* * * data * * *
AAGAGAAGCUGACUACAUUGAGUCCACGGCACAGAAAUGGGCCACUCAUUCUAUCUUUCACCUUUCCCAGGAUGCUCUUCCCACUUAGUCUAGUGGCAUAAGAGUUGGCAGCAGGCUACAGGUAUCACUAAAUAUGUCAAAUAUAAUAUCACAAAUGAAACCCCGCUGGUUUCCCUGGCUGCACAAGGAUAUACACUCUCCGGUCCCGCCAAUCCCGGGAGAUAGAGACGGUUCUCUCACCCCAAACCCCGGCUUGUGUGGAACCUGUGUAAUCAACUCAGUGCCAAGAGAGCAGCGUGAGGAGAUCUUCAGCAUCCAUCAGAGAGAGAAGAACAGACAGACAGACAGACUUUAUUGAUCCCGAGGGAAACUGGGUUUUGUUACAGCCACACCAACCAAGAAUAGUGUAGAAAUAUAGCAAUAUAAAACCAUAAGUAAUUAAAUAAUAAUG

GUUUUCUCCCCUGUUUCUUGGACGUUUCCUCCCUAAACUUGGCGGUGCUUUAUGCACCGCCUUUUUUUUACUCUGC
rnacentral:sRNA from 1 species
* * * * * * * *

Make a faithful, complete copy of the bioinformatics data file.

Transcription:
AAGAGAAGCUGACUACAUUGAGUCCACGGCACAGAAAUGGGCCACUCAUUCUAUCUUUCACCUUUCCCAGGAUGCUCUUCCCACUUAGUCUAGUGGCAUAAGAGUUGGCAGCAGGCUACAGGUAUCACUAAAUAUGUCAAAUAUAAUAUCACAAAUGAAACCCCGCUGGUUUCCCUGGCUGCACAAGGAUAUACACUCUCCGGUCCCGCCAAUCCCGGGAGAUAGAGACGGUUCUCUCACCCCAAACCCCGGCUUGUGUGGAACCUGUGUAAUCAACUCAGUGCCAAGAGAGCAGCGUGAGGAGAUCUUCAGCAUCCAUCAGAGAGAGAAGAACAGACAGACAGACAGACUUUAUUGAUCCCGAGGGAAACUGGGUUUUGUUACAGCCACACCAACCAAGAAUAGUGUAGAAAUAUAGCAAUAUAAAACCAUAAGUAAUUAAAUAAUAAUG

GUUUUCUCCCCUGUUUCUUGGACGUUUCCUCCCUAAACUUGGCGGUGCUUUAUGCACCGCCUUUUUUUUACUCUGC
rnacentral:sRNA from 1 species